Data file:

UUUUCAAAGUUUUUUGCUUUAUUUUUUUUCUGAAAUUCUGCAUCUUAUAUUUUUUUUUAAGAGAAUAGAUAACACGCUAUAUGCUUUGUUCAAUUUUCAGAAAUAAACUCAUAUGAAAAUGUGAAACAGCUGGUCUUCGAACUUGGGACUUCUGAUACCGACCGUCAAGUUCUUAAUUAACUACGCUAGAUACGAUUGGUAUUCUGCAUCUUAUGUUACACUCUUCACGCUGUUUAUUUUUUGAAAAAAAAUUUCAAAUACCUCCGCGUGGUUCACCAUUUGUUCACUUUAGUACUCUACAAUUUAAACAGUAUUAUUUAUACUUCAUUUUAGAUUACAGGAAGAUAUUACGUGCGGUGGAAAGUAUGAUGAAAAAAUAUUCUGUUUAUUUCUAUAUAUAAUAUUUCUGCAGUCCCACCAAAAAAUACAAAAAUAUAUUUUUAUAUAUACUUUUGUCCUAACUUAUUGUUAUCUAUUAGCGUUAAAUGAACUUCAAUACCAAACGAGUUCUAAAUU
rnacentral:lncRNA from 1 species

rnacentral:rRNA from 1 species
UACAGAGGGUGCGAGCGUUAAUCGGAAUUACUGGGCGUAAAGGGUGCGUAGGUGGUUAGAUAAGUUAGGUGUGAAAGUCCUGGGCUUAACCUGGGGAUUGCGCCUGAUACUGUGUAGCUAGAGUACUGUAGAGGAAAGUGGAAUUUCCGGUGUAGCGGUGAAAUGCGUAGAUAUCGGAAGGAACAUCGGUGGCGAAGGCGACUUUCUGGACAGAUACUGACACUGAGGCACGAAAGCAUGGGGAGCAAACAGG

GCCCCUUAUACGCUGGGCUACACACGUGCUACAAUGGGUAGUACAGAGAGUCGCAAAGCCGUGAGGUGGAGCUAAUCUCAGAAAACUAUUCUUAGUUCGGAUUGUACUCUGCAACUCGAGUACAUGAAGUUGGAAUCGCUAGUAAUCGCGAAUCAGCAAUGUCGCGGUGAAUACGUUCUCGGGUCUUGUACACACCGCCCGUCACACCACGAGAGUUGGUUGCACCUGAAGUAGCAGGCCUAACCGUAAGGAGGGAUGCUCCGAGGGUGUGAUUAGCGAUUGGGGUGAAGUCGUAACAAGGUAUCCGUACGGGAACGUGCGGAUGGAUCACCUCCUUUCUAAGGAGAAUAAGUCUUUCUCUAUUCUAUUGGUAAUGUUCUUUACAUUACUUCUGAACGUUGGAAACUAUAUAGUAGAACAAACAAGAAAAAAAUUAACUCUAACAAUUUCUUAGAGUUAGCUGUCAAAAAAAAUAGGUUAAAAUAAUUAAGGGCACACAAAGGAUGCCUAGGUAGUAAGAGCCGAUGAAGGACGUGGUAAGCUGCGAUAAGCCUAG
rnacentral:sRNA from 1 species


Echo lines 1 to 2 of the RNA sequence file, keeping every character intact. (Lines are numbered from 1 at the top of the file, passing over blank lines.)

UUUUCAAAGUUUUUUGCUUUAUUUUUUUUCUGAAAUUCUGCAUCUUAUAUUUUUUUUUAAGAGAAUAGAUAACACGCUAUAUGCUUUGUUCAAUUUUCAGAAAUAAACUCAUAUGAAAAUGUGAAACAGCUGGUCUUCGAACUUGGGACUUCUGAUACCGACCGUCAAGUUCUUAAUUAACUACGCUAGAUACGAUUGGUAUUCUGCAUCUUAUGUUACACUCUUCACGCUGUUUAUUUUUUGAAAAAAAAUUUCAAAUACCUCCGCGUGGUUCACCAUUUGUUCACUUUAGUACUCUACAAUUUAAACAGUAUUAUUUAUACUUCAUUUUAGAUUACAGGAAGAUAUUACGUGCGGUGGAAAGUAUGAUGAAAAAAUAUUCUGUUUAUUUCUAUAUAUAAUAUUUCUGCAGUCCCACCAAAAAAUACAAAAAUAUAUUUUUAUAUAUACUUUUGUCCUAACUUAUUGUUAUCUAUUAGCGUUAAAUGAACUUCAAUACCAAACGAGUUCUAAAUU
rnacentral:lncRNA from 1 species